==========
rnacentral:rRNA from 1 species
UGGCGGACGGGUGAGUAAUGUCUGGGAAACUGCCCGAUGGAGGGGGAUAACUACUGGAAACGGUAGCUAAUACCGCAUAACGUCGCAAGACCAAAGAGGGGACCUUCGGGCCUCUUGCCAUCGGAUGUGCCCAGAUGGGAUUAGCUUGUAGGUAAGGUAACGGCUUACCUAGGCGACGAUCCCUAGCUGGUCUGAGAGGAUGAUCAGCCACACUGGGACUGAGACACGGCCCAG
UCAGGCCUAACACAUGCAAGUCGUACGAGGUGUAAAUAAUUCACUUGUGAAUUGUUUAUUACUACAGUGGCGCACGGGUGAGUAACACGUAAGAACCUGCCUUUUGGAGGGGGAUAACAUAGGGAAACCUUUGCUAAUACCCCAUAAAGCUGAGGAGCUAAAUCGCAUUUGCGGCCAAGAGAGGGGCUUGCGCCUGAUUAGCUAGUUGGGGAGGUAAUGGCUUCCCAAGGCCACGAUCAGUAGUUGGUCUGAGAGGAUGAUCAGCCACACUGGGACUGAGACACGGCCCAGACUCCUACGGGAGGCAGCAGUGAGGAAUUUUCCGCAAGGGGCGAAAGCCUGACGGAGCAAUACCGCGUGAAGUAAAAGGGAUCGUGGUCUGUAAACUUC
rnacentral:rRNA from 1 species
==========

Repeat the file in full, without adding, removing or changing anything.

rnacentral:rRNA from 1 species
UGGCGGACGGGUGAGUAAUGUCUGGGAAACUGCCCGAUGGAGGGGGAUAACUACUGGAAACGGUAGCUAAUACCGCAUAACGUCGCAAGACCAAAGAGGGGACCUUCGGGCCUCUUGCCAUCGGAUGUGCCCAGAUGGGAUUAGCUUGUAGGUAAGGUAACGGCUUACCUAGGCGACGAUCCCUAGCUGGUCUGAGAGGAUGAUCAGCCACACUGGGACUGAGACACGGCCCAG
UCAGGCCUAACACAUGCAAGUCGUACGAGGUGUAAAUAAUUCACUUGUGAAUUGUUUAUUACUACAGUGGCGCACGGGUGAGUAACACGUAAGAACCUGCCUUUUGGAGGGGGAUAACAUAGGGAAACCUUUGCUAAUACCCCAUAAAGCUGAGGAGCUAAAUCGCAUUUGCGGCCAAGAGAGGGGCUUGCGCCUGAUUAGCUAGUUGGGGAGGUAAUGGCUUCCCAAGGCCACGAUCAGUAGUUGGUCUGAGAGGAUGAUCAGCCACACUGGGACUGAGACACGGCCCAGACUCCUACGGGAGGCAGCAGUGAGGAAUUUUCCGCAAGGGGCGAAAGCCUGACGGAGCAAUACCGCGUGAAGUAAAAGGGAUCGUGGUCUGUAAACUUC
rnacentral:rRNA from 1 species